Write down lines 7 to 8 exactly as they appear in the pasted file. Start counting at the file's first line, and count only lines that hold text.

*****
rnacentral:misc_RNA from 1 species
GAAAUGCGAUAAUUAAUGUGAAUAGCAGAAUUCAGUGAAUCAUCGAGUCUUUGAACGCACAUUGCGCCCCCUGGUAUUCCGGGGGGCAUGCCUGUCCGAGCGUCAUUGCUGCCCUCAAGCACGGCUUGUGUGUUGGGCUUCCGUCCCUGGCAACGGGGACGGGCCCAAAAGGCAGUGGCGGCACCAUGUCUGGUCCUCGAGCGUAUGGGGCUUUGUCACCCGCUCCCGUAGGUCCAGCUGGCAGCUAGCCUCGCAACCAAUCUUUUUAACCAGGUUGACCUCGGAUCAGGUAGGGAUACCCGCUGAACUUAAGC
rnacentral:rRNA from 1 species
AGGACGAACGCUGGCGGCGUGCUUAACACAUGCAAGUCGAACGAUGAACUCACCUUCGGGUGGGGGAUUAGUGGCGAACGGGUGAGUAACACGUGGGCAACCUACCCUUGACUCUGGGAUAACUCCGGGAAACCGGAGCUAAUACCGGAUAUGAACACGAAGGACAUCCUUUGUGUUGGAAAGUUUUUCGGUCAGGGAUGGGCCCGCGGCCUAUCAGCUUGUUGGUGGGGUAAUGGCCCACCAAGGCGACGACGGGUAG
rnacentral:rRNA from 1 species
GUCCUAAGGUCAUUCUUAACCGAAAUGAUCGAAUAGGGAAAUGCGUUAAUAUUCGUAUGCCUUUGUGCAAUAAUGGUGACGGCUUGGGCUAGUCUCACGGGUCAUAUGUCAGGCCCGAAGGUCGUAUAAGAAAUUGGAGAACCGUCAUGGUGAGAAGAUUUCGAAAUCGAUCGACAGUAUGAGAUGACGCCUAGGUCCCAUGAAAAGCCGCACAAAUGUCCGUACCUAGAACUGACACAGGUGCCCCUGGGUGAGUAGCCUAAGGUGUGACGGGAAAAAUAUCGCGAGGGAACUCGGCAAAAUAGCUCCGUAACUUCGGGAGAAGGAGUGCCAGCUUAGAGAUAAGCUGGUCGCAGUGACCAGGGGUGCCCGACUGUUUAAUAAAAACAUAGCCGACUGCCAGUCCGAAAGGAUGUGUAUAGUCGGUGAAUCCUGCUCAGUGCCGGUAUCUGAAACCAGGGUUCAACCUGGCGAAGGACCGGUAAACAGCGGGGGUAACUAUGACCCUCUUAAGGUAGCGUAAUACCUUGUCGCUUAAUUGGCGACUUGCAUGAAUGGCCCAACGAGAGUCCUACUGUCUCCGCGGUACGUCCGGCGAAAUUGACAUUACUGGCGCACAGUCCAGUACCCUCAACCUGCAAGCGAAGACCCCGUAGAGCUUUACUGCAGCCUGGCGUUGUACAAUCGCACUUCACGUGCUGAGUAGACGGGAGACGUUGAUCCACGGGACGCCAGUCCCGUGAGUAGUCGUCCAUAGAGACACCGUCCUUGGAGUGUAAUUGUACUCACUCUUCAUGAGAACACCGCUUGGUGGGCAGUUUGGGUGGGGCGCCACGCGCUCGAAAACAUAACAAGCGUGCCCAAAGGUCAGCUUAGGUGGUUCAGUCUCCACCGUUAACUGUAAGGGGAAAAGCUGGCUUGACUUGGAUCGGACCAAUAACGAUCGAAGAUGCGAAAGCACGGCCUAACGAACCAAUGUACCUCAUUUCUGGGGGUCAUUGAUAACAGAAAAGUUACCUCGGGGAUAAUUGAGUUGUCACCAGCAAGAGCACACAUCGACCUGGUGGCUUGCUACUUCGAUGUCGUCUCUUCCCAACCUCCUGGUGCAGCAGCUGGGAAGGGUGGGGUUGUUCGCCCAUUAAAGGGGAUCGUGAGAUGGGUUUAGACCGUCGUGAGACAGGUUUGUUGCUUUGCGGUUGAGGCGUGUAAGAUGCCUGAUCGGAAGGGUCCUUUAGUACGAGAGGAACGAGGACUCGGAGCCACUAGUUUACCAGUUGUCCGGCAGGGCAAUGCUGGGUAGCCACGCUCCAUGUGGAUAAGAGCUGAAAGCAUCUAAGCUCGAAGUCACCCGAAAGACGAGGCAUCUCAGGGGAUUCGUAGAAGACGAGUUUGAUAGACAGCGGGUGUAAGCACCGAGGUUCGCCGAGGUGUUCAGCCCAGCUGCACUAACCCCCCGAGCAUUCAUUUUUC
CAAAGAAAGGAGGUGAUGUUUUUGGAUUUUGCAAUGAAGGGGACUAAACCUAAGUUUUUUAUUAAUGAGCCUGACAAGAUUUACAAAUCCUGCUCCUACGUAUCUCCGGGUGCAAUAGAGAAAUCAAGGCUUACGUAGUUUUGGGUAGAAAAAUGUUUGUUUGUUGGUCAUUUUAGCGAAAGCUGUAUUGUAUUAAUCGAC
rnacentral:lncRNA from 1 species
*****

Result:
CAAAGAAAGGAGGUGAUGUUUUUGGAUUUUGCAAUGAAGGGGACUAAACCUAAGUUUUUUAUUAAUGAGCCUGACAAGAUUUACAAAUCCUGCUCCUACGUAUCUCCGGGUGCAAUAGAGAAAUCAAGGCUUACGUAGUUUUGGGUAGAAAAAUGUUUGUUUGUUGGUCAUUUUAGCGAAAGCUGUAUUGUAUUAAUCGAC
rnacentral:lncRNA from 1 species